Fox Pushes Back Deadline For Ad Cancellations - Broadcasting & Cable

Fox Pushes Back Deadline For Ad Cancellations

Advertisers seeking more time to decide on their buys.
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Fox network is allowing marketers to push back the deadline on second quarter cancellation options to February 1, according to Tony Vinciquerra, News Corp., chairman and CEO of Fox Networks Group. Vinciquerra, delivering a general business outlook at the Citi media investor conference today, said some marketers had also requested a February 15 deadline.

"We've not had requests yet," he said referring to cancellations. "A number of [advertisers]have asked to back up to Feb 15, they want to see what's happening in the marketplace," he said.

The extent of the cancellations are watched closely because they indicate the strength of the ad marketplace which in turn plays into pricing talks in the ongoing year round scatter market. So far pricing has held steady despite efforts by ad agencies to go back to sales executives and ask them to renegotiate their upfront deals in the light of the tough environment.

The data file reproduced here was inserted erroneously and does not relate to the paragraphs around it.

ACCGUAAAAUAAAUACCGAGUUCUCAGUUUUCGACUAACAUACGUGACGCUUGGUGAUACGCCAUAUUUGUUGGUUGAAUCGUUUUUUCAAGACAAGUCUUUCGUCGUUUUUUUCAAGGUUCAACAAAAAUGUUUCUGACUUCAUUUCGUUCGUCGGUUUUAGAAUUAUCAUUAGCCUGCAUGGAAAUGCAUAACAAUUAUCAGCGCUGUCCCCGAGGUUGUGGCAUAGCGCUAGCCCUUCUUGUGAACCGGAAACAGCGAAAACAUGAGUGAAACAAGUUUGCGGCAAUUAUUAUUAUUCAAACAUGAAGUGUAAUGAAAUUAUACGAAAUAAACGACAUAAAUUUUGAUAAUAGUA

Marketers make promises to buy advertising time as part of their upfront commitments, made annually in May. The networks allow companies to take as much as 50% of that commitment off the table, every quarter. The deadline for making such decisions is typically 60-90 days before the quarter begins.

The first quarter cancellations – made in November – were minimal for Fox network which reboots American Idol every January and is this year also airing 24. Cancellations were in the range of 2.5% for the first quarter, said Vinciquerra adding that the real start to this season begins in new year, since so little was introduced in the fourth quarter of 2008.

Even so, Vinciquerra expected Fox to be affected given the overall poor sales climate. “We are in a recession. There is no surprise here. In 2007 consumers spent $800 billion more than they earned, in 2008 has to be $400 to $500 million.”

“We are going to have a tough 2009 and advertising will erode to some degree because consumers are not spending. The question is what categories or genres will be affected by that.”

Separately, Vinciquerra alluded to a slew of corporate strategies aimed at slowing the growth of DVRs. “DVRs are a threat and we’re working on ways to mitigate that, we’ve some pretty specific strategies to limit the growth," though he declined to expand further on what those initiatives involved.

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